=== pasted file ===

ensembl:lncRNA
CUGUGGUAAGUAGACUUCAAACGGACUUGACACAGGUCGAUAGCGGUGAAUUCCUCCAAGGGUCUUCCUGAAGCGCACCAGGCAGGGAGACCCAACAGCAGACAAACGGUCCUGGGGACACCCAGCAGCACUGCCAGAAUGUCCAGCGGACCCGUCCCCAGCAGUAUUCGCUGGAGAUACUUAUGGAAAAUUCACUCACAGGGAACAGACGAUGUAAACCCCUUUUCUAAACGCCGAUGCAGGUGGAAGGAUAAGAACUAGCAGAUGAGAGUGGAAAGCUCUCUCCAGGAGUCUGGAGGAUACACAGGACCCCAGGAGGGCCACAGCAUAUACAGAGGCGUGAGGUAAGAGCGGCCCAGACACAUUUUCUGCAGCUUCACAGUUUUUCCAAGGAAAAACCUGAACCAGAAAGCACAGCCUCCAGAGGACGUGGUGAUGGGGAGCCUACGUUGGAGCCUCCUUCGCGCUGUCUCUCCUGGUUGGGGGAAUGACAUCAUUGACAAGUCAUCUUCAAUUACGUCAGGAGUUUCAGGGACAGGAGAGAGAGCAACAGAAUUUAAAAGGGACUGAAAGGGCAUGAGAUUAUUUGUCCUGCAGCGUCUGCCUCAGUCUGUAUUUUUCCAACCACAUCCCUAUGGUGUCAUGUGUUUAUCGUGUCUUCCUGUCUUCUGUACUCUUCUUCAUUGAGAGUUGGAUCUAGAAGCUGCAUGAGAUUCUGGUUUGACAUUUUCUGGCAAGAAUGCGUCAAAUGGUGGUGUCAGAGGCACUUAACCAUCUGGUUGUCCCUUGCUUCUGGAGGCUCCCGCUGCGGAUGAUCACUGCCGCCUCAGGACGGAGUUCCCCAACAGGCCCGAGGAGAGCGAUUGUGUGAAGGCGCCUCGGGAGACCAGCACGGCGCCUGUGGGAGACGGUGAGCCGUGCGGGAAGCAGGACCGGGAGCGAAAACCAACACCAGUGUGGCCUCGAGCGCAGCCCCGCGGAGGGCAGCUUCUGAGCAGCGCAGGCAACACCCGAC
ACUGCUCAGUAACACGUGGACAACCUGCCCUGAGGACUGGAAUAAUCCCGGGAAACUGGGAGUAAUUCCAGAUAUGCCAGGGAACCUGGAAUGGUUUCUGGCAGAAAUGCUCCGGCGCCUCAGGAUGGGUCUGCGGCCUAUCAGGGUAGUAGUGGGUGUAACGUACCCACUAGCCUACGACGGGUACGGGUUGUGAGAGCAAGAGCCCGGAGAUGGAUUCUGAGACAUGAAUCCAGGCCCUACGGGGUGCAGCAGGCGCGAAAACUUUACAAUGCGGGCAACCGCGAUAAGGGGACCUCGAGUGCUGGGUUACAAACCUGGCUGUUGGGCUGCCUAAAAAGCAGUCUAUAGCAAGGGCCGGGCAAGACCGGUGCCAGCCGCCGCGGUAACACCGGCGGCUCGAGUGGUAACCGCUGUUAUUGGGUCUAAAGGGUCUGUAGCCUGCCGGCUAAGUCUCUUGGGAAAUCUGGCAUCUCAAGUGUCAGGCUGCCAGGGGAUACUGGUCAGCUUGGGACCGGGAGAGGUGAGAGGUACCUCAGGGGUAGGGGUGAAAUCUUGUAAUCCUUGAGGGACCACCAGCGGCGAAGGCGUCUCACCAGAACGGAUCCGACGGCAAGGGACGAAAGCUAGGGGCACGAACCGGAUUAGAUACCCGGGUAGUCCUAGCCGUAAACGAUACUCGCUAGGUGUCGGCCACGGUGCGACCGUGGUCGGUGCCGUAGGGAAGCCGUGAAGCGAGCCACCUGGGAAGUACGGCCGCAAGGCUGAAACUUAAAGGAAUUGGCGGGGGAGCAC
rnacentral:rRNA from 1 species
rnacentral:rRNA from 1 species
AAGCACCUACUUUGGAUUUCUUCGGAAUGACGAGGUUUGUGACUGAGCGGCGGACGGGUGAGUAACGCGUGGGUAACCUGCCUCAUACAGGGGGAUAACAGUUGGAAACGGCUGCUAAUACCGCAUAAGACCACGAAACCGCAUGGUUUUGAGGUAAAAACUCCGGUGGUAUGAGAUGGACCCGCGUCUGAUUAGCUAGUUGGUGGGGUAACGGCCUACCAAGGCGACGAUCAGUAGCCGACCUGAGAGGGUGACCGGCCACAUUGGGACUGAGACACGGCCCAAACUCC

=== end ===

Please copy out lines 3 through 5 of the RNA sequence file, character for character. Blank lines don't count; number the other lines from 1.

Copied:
ACUGCUCAGUAACACGUGGACAACCUGCCCUGAGGACUGGAAUAAUCCCGGGAAACUGGGAGUAAUUCCAGAUAUGCCAGGGAACCUGGAAUGGUUUCUGGCAGAAAUGCUCCGGCGCCUCAGGAUGGGUCUGCGGCCUAUCAGGGUAGUAGUGGGUGUAACGUACCCACUAGCCUACGACGGGUACGGGUUGUGAGAGCAAGAGCCCGGAGAUGGAUUCUGAGACAUGAAUCCAGGCCCUACGGGGUGCAGCAGGCGCGAAAACUUUACAAUGCGGGCAACCGCGAUAAGGGGACCUCGAGUGCUGGGUUACAAACCUGGCUGUUGGGCUGCCUAAAAAGCAGUCUAUAGCAAGGGCCGGGCAAGACCGGUGCCAGCCGCCGCGGUAACACCGGCGGCUCGAGUGGUAACCGCUGUUAUUGGGUCUAAAGGGUCUGUAGCCUGCCGGCUAAGUCUCUUGGGAAAUCUGGCAUCUCAAGUGUCAGGCUGCCAGGGGAUACUGGUCAGCUUGGGACCGGGAGAGGUGAGAGGUACCUCAGGGGUAGGGGUGAAAUCUUGUAAUCCUUGAGGGACCACCAGCGGCGAAGGCGUCUCACCAGAACGGAUCCGACGGCAAGGGACGAAAGCUAGGGGCACGAACCGGAUUAGAUACCCGGGUAGUCCUAGCCGUAAACGAUACUCGCUAGGUGUCGGCCACGGUGCGACCGUGGUCGGUGCCGUAGGGAAGCCGUGAAGCGAGCCACCUGGGAAGUACGGCCGCAAGGCUGAAACUUAAAGGAAUUGGCGGGGGAGCAC
rnacentral:rRNA from 1 species
rnacentral:rRNA from 1 species